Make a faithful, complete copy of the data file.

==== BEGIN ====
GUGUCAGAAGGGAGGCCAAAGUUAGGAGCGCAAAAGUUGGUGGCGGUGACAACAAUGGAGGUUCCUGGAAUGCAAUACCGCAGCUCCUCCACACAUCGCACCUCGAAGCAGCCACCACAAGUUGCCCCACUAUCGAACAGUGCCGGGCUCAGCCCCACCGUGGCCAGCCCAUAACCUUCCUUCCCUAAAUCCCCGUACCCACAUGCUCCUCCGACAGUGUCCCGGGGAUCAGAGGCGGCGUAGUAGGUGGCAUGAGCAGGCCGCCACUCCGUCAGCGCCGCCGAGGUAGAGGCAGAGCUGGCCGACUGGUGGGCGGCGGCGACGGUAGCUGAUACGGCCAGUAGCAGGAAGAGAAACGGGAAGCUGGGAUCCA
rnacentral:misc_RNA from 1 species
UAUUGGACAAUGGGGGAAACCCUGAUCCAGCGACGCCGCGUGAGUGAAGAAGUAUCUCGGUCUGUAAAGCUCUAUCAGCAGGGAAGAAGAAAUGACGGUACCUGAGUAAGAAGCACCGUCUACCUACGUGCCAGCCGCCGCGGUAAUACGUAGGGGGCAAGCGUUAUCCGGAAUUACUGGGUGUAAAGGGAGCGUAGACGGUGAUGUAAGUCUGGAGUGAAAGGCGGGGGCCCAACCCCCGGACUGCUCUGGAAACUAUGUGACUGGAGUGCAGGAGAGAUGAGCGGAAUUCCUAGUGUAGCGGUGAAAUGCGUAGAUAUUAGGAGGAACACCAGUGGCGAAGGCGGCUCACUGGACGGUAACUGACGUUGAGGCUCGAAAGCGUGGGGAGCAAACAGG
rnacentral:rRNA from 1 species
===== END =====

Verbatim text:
GUGUCAGAAGGGAGGCCAAAGUUAGGAGCGCAAAAGUUGGUGGCGGUGACAACAAUGGAGGUUCCUGGAAUGCAAUACCGCAGCUCCUCCACACAUCGCACCUCGAAGCAGCCACCACAAGUUGCCCCACUAUCGAACAGUGCCGGGCUCAGCCCCACCGUGGCCAGCCCAUAACCUUCCUUCCCUAAAUCCCCGUACCCACAUGCUCCUCCGACAGUGUCCCGGGGAUCAGAGGCGGCGUAGUAGGUGGCAUGAGCAGGCCGCCACUCCGUCAGCGCCGCCGAGGUAGAGGCAGAGCUGGCCGACUGGUGGGCGGCGGCGACGGUAGCUGAUACGGCCAGUAGCAGGAAGAGAAACGGGAAGCUGGGAUCCA
rnacentral:misc_RNA from 1 species
UAUUGGACAAUGGGGGAAACCCUGAUCCAGCGACGCCGCGUGAGUGAAGAAGUAUCUCGGUCUGUAAAGCUCUAUCAGCAGGGAAGAAGAAAUGACGGUACCUGAGUAAGAAGCACCGUCUACCUACGUGCCAGCCGCCGCGGUAAUACGUAGGGGGCAAGCGUUAUCCGGAAUUACUGGGUGUAAAGGGAGCGUAGACGGUGAUGUAAGUCUGGAGUGAAAGGCGGGGGCCCAACCCCCGGACUGCUCUGGAAACUAUGUGACUGGAGUGCAGGAGAGAUGAGCGGAAUUCCUAGUGUAGCGGUGAAAUGCGUAGAUAUUAGGAGGAACACCAGUGGCGAAGGCGGCUCACUGGACGGUAACUGACGUUGAGGCUCGAAAGCGUGGGGAGCAAACAGG
rnacentral:rRNA from 1 species